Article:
In 2014, President Barack Obama awarded Allende the Presidential Medal of Freedom, the nation’s highest civilian honor, and in 2018 she received the Medal for Distinguished Contribution to American Letters from the National Book Foundation.
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ELLIOT ACKERMAN is a National Book Award finalist, author of the novels Waiting for Eden, Dark at the Crossing, and Green on Blue, and of the nonfiction book Places and Names. His work has appeared in Esquire, The New Yorker, The Atlantic, The New York Times Magazine, and The Best American Short Stories, among other publications. He is both a former White House Fellow and a Marine, and he served five tours of duty in Iraq and Afghanistan, where he received the Silver Star, the Bronze Star for Valor, and the Purple Heart.
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LAILA LALAMI was born in Rabat and educated in Morocco, Great Britain, and the United States. She is the author of four novels, including The Moor’s Account, which won the American Book Award and was a finalist for the Pulitzer Prize in Fiction, and The Other Americans, which was a Los Angeles Times bestseller and a finalist for the National Book Award in Fiction. Her essays have appeared in The Nation, Harper’s, the Guardian, the Washington Post, and the New York Times Magazine. She is the recipient of fellowships from the British Council, the Fulbright Program, and the Guggenheim Foundation, and is currently a professor of creative writing at the University of California at Riverside. She lives in Los Angeles. Her new book, a work of nonfiction called Conditional Citizens, will be published in May 2020.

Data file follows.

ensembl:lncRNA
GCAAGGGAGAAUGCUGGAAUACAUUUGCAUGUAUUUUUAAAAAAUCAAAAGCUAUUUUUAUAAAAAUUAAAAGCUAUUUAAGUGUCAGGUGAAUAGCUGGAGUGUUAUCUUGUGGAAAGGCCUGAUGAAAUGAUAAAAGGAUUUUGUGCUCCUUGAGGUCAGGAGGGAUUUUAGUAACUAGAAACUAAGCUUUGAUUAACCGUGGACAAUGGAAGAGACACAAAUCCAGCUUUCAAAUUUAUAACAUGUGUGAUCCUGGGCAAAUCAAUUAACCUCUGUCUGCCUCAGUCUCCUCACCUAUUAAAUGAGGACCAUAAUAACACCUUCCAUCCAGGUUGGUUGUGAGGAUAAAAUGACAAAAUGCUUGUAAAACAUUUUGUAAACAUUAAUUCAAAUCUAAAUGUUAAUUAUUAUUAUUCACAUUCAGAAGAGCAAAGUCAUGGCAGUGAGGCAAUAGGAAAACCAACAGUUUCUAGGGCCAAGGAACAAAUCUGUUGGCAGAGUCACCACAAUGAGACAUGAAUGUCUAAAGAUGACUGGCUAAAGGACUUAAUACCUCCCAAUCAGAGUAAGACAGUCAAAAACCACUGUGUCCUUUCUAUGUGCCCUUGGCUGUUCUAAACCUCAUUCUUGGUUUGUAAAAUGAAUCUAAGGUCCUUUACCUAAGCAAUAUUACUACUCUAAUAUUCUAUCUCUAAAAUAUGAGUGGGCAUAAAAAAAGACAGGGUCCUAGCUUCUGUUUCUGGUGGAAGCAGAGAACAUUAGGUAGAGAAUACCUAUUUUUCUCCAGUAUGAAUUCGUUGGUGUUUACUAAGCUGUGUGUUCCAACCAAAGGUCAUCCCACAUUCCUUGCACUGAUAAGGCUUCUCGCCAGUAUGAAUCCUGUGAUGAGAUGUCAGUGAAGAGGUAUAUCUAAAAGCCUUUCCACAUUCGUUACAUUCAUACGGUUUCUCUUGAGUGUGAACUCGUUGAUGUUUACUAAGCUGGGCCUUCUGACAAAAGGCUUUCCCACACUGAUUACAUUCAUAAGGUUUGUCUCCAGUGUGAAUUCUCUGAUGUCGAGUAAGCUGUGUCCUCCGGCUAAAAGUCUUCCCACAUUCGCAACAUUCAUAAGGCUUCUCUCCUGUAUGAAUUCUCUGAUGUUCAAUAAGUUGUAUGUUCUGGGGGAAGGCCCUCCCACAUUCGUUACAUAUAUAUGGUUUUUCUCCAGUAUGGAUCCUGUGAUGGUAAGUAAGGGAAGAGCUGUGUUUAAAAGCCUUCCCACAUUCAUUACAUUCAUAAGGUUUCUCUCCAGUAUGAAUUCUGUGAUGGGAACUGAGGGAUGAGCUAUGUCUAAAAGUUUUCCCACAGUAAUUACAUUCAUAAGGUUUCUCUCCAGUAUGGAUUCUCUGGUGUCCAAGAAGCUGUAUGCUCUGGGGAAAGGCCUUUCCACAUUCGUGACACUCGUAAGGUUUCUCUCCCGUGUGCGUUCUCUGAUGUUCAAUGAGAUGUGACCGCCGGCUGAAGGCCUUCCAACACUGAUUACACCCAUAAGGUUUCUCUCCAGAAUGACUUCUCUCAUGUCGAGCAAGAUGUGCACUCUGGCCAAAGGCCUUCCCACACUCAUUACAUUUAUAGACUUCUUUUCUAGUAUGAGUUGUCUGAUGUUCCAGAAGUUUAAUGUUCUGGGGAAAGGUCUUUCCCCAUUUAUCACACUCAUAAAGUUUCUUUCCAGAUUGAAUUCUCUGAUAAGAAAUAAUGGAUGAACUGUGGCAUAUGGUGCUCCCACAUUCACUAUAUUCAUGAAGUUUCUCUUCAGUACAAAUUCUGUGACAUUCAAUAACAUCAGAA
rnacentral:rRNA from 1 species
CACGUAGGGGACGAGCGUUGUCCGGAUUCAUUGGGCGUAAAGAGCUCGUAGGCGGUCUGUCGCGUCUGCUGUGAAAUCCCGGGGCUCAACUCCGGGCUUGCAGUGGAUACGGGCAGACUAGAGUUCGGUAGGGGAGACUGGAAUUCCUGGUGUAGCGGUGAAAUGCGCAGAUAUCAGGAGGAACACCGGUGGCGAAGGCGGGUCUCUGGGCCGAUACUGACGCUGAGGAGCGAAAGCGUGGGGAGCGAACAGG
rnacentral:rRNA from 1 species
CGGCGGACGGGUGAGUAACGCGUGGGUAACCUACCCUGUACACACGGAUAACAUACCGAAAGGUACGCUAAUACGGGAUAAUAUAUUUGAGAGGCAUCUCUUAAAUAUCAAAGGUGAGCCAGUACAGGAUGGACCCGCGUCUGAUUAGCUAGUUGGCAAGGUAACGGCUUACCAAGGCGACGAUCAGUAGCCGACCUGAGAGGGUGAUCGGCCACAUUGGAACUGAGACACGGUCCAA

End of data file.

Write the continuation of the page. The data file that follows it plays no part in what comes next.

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Patrick Radden Keefe
Patrick Radden Keefe is a staff writer at The New Yorker and a Eric and Wendy Schmidt Fellow at the New America Foundation. Previously the author of The Snakehead and Chatter, Keefe’s latest bestselling book Say Nothing is a stunning, intricate narrative about a notorious killing in Northern Ireland during the Troubles and its devastating repercussions. Keefe’s work has also appeared in The New York Times Magazine, Slate, New York, and The New York Review of Books, among others and he is a frequent commentator on NPR, the BBC, and MSNBC. Patrick received the 2014 National Magazine Award for Feature Writing, for his story “A Loaded Gun,” was a finalist for the National Magazine Award for Reporting in 2015 and 2016, and is also the recipient of a Guggenheim Fellowship. Say Nothing received the 2019 Orwell Prize for Political Writing and has been longlisted for the National Book Award.